3.2 Use of charts


It is emphasised that the sizes obtained do not represent final designs, which must always be executed to take account of all factors, such as bridge configuration and loading. Adjustments will need to be made to take account of the likely effects of end continuity if integral construction is intended. The charts are based on the following assumptions: (i) (ii) (iii) (iv) (v) (vi) Deck slab 250mm average thickness (6.25kN/m2). Superimposed dead loads equivalent to 100mm of surfacing (2.40 kN/m2). Permanent formwork weight 0.50 kN/m of slab
2

3.2.1 Plate girder flange sizes


Flange areas (Af in m2) are read against the span L. (a) (b) For simply supported bridges (refer Fig. 4) For continuous bridges Size of span girder (refer Fig. 5) Size of pier girder (refer Fig. 6) Figures 4, 5 and 6 are applicable to an average girder spacing s of 3.5m. Fig. 7 gives a girder spacing factor K af which is multiplied by the flange areas, obtained above, to give values appropriate to the actual average girder spacing. i.e. Top Flange A ft = A ft (Figs. 4, 5 or 6) x K af (Fig. 7) i.e. Bottom Flange A fb = A fb (Figs. 4, 5 or 6) x K af ( Fig. 7) Two different span-to-depth ratios, L/D = 20 and L/D = 30, are included for either HB or alternatively HA loading. Values for intermediate L/D ratios can be read by interpolation.

soffit area. Steel grade S355. Span to depth ratios L/D of 20 & 30. Plate girder webs have vertical stiffeners at approx. 2.0m centres where such stiffening is required. (vii) Elastic stress analysis is used for plate girders. If however the plastic modulus is used for compact cross sections, then economies may be possible.

14 Composite steel highway bridges

Initial sizes and overall unit weight

The charts also show actual flange sizes using 400mm x 15mm to 1000mm x 75mm. Flange area of pier girders of continuous unequal spans can be estimated by taking the greater of the two adjacent spans. End spans of continuous bridges may be estimated using L = 1.25 x actual span.

depth (L/D) ratio for each span based upon the average girder depth (D) within that span. For box girder bridges a rough estimate may be obtained assuming that N = 2 x number of box girders in the cross section (see Fig. 1F where N = 2 x 3 = 6). For continuous bridges the end spans should be assumed as 1.25 x actual span, following which the mean span for use in Fig. 8 may be determined as follows:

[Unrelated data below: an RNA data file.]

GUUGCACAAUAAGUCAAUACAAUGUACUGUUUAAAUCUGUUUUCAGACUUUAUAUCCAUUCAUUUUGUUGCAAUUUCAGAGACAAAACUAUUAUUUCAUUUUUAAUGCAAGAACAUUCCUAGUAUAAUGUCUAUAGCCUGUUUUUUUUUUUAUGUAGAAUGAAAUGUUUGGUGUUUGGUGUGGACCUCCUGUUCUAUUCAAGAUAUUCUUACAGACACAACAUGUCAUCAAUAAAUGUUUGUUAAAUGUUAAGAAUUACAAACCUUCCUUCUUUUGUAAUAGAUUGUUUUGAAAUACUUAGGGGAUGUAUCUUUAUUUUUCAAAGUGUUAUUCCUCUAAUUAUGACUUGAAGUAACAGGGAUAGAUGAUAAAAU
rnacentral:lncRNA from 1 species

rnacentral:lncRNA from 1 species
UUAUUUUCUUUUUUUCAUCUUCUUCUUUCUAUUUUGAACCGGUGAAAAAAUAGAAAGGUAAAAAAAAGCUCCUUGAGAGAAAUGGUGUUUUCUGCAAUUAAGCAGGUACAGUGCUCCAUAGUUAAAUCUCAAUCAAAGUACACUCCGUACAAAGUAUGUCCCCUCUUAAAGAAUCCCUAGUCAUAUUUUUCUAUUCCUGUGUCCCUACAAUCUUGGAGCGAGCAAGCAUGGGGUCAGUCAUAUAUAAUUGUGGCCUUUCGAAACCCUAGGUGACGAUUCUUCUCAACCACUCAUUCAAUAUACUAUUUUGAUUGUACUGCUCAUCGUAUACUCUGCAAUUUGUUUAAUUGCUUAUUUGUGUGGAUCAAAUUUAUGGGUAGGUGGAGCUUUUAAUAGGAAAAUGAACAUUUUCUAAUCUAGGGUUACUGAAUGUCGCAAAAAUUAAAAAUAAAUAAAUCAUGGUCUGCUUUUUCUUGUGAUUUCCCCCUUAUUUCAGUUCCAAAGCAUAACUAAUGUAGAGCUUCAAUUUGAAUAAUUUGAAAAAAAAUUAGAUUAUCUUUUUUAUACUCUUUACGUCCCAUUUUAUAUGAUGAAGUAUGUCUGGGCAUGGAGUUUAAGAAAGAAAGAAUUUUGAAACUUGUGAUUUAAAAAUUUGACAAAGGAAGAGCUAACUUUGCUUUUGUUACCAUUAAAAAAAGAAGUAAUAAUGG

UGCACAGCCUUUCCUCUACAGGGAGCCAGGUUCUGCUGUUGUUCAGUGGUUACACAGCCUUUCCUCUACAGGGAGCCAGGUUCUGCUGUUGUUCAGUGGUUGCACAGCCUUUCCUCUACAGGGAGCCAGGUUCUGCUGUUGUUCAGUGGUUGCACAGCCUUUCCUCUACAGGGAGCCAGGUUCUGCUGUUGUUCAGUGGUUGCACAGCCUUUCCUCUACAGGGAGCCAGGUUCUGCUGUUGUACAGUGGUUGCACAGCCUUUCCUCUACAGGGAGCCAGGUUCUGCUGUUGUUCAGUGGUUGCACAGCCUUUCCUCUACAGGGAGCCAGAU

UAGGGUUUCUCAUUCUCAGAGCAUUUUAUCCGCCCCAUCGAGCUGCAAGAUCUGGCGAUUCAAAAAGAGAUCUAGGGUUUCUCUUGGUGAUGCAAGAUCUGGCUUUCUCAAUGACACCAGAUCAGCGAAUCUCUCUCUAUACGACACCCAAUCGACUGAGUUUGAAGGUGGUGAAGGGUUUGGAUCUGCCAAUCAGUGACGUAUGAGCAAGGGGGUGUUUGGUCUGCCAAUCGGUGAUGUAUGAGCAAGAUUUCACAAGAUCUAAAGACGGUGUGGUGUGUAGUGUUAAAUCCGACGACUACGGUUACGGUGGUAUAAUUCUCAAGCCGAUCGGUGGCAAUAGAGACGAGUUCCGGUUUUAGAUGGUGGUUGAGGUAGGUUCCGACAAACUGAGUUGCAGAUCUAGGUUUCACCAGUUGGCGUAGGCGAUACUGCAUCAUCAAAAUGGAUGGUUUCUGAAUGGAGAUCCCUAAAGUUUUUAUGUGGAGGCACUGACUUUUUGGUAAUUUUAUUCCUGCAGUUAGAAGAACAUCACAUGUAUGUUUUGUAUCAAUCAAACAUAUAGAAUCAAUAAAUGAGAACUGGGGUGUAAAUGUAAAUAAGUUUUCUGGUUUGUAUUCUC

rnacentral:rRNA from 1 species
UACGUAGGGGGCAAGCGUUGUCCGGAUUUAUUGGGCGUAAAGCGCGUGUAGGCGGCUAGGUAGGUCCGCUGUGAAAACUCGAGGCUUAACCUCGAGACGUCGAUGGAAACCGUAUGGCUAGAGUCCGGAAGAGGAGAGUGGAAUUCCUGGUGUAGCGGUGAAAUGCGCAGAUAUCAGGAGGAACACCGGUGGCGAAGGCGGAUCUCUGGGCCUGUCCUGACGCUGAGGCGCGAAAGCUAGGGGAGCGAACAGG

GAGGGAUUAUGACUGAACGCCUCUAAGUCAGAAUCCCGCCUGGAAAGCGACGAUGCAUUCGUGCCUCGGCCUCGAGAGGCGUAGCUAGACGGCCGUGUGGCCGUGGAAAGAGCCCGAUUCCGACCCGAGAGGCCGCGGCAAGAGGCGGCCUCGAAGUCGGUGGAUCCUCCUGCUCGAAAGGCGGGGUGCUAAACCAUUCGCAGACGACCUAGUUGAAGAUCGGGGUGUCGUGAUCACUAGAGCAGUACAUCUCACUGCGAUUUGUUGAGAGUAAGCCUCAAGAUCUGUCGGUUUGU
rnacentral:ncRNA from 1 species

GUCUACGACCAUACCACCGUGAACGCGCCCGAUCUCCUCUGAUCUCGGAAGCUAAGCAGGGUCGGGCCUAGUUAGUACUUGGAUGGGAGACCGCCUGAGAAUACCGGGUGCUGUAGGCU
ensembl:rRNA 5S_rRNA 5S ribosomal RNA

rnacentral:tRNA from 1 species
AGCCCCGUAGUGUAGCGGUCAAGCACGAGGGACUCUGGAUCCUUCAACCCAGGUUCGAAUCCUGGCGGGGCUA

3.2.2 Plate girder web sizes


Web thicknesses are similarly obtained using Figs. 4, 5 and 6 applicable to 's' = 3.5m. Adjustment for the actual average girder spacing 's' is obtainable from Fig. 7 using girder spacing factor k tw. i.e. Web thickness t w = t w (Figs. 4, 5 or 6) x k tw (Fig. 7). The thickness obtained may be regarded as reasonably typical. However, designers may prefer to opt for thicker webs to reduce the number of web stiffeners. Mean span L =

L14 + L24...Ln4 n

where n = number of spans.

3.2.4 Universal beams


An indication of beam size for simply supported spans may be obtained from Figs. 9 and 10 for elastic or plastic stress analysis respectively. BS 5400 permits the use of either option, provided that the cross section is compact; this condition being satisfied for all sections shown in Fig. 10. Sufficient ductility is also required. It is apparent that plastic stress analysis can achieve significant economy in extending the span range of universal beams. In practice, a serviceability stress check (SLS) must be made including the effects of shear lag. There is advantage also in using the plastic design option for continuous spans but some universal beams may need to be classed as 'non-compact', requiring elastic analysis in hogging regions because the web depth between the (elastic) neutral axis and its compressive edge may exceed 28t w, depending upon the amount of longitudinal slab reinforcement. An overall unit weight for universal beam bridges may be estimated at the conceptual stage by adding an allowance of approximately 8% to the weight of the main beams to allow for any bracings and stiffeners etc. Figs. 9 and 10 refer to mass per metre of universal beams.

3.2.3 Overall unit weight


Overall unit weight (kg/m2 of gross deck area) for plate girders is read against the span L from Fig. 8 for simply supported or continuous bridges with L/D ratios of 20 or 30, under HB or alternatively HA loading and applicable to s = 3.5m. Adjustment for average girder spacing 's' other than 3.5m is obtainable from Fig. 7 using girder spacing factor k w. i.e. Unit weight kg/m2 = kg/m2 (Fig. 8) x k w (Fig. 7). The unit weight provides an approximate first estimate of steelwork tonnage allowing for all stiffeners and bracings. For continuous bridges with variable depth, Fig. 8 may be used to provide a rough guide, assuming a span-to-

1. Left: Milton Bridge Lesmahagow, Scotland 2. Right: Fossdyke Bridge (Photo courtesy of Cleveland Bridge (UK) Ltd.) Lincoln, England

Composite steel highway bridges 15

Initial sizes and overall unit weight

Reference figures 9 & 10

Universal beam size Serial size (mm) 914 x 419 Mass per metre (kg/m) 388 343 914 x 305 289 253 224 201 838 x 292 226 194 176 762 x 267 197 173 147 686 x 254 170 152 140 125 610 x 305 238 179 149 610 x 229 140 125 113 101

Actual depth (mm)

3.2.5 List of symbols